Afterwards, fellow Liberal and Shadow Treasurer Joe Hockey denounced Morrison’s statements, saying that that he would “never seek to deny a parent or a child from saying goodbye to their relative.” Morrison acknowledged that the timing of his comments might have been insensitive but did not recoil from the comments themselves.

“Do you think you run the risk of being seen as heartless on the day of these funerals to be saying – to be bickering over this money?” asked ABC reporter Barbara Miller, whose report that morning was broadcast on the programme AM.

Here is what Morrison replied: “When it comes to the question of do I think this is a reasonable cost, then my honest answer is, ‘No, I don’t think it is reasonable.'”

The Fairfax press published a column which called him a “cheap populist”, with the outburst “harmful to the national interest”.

Caught unawares and always prone to equivocation, the Leader of the Opposition gave the remarks a lukewarm endorsement during the course of an interview with a notoriously Right-wing radio station. He said: “It does seem a bit unusual that the government is flying people to funerals.” Morrison’s comments were met with condemnation from former Liberal leaders.

One called the comments “inhumane”. Another expressed his hope that “Scott Morrison is just a fringe element in the party.

Herein lays my quandary. On reading the preceding words, you could not be blamed for thinking that the person must be a racist of sorts, as Morrison’s comments were directed at a particular cohort of people.

When he gives a directive to another group, who are citizens of Australia, that they cannot return home under threat of jail, one might be excused for thinking that this is also racism.

Thus far, we might at least conclude that our Prime Minister isn’t favourable to brown-skinned people.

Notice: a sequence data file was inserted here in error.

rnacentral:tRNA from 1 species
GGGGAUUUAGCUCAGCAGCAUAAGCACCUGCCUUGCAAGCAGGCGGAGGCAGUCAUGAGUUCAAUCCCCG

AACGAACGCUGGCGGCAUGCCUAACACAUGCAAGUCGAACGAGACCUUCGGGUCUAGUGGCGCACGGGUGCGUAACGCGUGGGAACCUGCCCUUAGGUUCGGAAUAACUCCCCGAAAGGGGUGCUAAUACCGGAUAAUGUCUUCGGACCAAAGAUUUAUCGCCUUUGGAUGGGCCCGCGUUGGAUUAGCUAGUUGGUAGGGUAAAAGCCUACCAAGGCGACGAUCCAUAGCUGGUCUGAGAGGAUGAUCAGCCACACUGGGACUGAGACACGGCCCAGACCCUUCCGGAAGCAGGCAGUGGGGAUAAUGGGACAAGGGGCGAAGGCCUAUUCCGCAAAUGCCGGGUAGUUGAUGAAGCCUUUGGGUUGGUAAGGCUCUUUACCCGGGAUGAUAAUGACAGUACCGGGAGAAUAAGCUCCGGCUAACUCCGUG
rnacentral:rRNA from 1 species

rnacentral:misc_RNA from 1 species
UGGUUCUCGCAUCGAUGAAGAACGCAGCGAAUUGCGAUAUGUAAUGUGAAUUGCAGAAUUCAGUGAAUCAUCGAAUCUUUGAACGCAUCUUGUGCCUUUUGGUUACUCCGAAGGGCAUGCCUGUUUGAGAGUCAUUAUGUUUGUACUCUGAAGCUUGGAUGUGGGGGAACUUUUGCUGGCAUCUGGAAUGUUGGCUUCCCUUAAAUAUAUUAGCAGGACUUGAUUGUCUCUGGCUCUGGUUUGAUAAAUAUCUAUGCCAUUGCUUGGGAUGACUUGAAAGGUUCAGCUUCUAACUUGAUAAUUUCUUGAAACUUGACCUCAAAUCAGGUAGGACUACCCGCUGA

Before going further, let’s examine just what racism is:

  1. The belief that human races have distinctive characteristics which determine their respective cultures, usually involving the idea that one’s own race is superior and has the right to rule or dominate the others.
  2. Offensive or aggressive behaviour to members of another race stemming from such a belief.
  3. A policy or system of government and society based upon it.

In the situation with Indian Australians, as mentioned earlier, is Morrison – in denouncing the costs of Australia paying for the funerals of those who lost their lives in such a tragedy – just playing politics or was he race-baiting.

Lenore Taylor, in The Sydney Morning Herald back in February 2011 delivered an opinion that suggests Morrison back then – seizing Coalition sentiment – saw vote-winning in racist strategies:

“The opposition immigration spokesman, Scott Morrison, urged the shadow cabinet to capitalise on the electorate’s growing concerns about “Muslim immigration”, “Muslims in Australia” and the “inability” of Muslim migrants to integrate… But after Mr Morrison’s comments this week on the cost of asylum-seeker funerals and his role in the controversial decision to cut a Howard government program to fund schools in Indonesia, colleagues are privately questioning whether he is trying to pursue an anti-Muslim political strategy unilaterally.”

On his website at the time, Mr Morrison, a member of the Assemblies of God Pentecostal Church, wrote; “My Christian faith remains the driving force for my family, beliefs and values.”

It was indeed a time when the conservatives in opposition and government tried to extract a view of Muslims with cynical manipulation driven only by race. Take the Cronulla Riots of which Alan Jones was found to have egged-on anti-Middle Eastern sentiment, or when Tony Abbott was delivering his own form of prejudice in an essentially racist manner.

A decade ago Kevin Dunn, professor of geography and urban studies at the University of Western Sydney, published a study on racism in Australia. In it, he wrote:

“Research has shown convincingly that geopolitical events, political events and political statements don’t affect Australian attitudes on race very quickly, but they do affect behaviour. People holding a grudge or who are just ill-informed; or acting on the sins of the father will feel empowered to act on them. They feel more empowered to act on them.” Racist abuse and discrimination follow.

Words and how you use them carry profound national responsibility (think about our current diplomacy with China).

Before addressing India, let’s examine Morrison’s statement that “there was no slavery in Australia.”



The government led by Morrison loudly condemned the Black Lives Matter protest marches while at the same time completely ignoring the reasons that make people protest.

It also ignored the written history of slavery that our First Nations People experienced. His flippancy when defending his comment was that of a man either playing the race card or one who is entirely ill-informed. I must, in my writing, dismiss the latter.